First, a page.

Delighted organisers of Wootton Bassett’s Art Festival have vowed to hold the event again next year after a successful weekend.

The four-day festival, which kicked off on Thursday, showcased the town’s finest talent in categories including music, speech, drama and creative writing.

Chairman of the committee Janet Chaplin said she was blown away by the popularity of the this year’s festival, which attracted almost 500 entries in 81 classes.

She said: “This festival has been an explosion of fun and talent.

“In the autumn, Wootton Bassett Arts Festival will be confirmed as a full member of the Federation of Festivals, of which there are 300 in this country.”

On Friday, children from eight schools, including Wootton Bassett Infants, St Bartholomew’s, St Mary’s School in Purton, Cherhill and Lydiard Millicent School took part in the choir competition.

The children also observed several minutes silence as a repatriation cortege passed through the High Street during the afternoon.

Committee member Jacquie De Creed said: “The young competitors are always terribly nervous.

“The wonderful thing about festivals such as this, is that they teach children and adults skills for life. To be able to communicate to a large audience is an incredibly daunting experience, but everybody had learned to overcome their fears and performed to a very high standard.”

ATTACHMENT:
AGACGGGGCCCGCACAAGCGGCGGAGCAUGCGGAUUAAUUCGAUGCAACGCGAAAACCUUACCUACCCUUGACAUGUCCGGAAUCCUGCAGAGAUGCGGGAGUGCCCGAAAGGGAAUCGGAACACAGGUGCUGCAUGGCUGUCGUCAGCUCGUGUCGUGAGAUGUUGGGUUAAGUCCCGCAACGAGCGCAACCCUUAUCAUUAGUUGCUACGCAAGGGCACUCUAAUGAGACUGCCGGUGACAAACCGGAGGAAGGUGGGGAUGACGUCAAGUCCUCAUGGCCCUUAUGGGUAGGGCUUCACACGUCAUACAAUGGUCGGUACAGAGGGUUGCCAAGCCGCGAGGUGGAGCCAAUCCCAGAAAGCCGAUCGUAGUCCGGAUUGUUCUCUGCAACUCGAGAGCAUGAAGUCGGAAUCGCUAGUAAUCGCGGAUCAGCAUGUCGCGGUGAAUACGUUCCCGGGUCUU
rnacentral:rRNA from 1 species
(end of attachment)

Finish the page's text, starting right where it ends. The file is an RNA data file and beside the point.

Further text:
The Highlights concert in the Memorial Hall on Sunday evening was a memorable finale to the festival.

It featured Ryan Curtis on electric guitar, Joy Boole on clarinet; Andrew Fielden on trombone, Georgina Lowe on the cello; Hockaday Infants’ delightful choral speaking, piano solos by Maia Jarvis, Olivia Clarke, Oliver Bullock, Rosanna Fish, Theo Lukens and Kirsty Chaplin, who also played the harp, and recited her original poem Harp of My Heart.

Six-year-old Liberty Shirnia charmed everyone with a poem about measles; Ellie Hyde-Bates played the violin, Gregory Strangword-Price recited a Lion poem, and Ciara Parker-Northeast played the recorder.

Solo vocalists were Deanna Aspell, Matilda Wale and Joanna Peskett. Drama was provided by The Enthusiasts, a group of four children who staged a superb Wizard of Oz excerpt; Holly Lamb, in an excerpt from Five Finger Exercise, a duologue by Daisy Robb and Ella Milne, the Clarendon Players in an adaptation from The Close, and Margaret Williams’ extract from Night Out by Harold Pinter.

Jane Wade read her original story, Hiss and Recoil; 12-year-old Emma Bessant read her remarkable entry, from the under-14 class, I Belong to No Man, told from the perspective of a slave transported from Africa and Baker’s Dozen performed madrigals to round off a splendid programme.

Town mayor Steve Bucknell also presented an award to Ciara Parker-Northeast for her performance with the recorder.

Thanks were expressed to all the sponsors, volunteers and participants, and to adjudicators Jeffrey Wynn Davies (music); Janet Tuckett, (speech and drama) and Godfrey Room, (creative writing).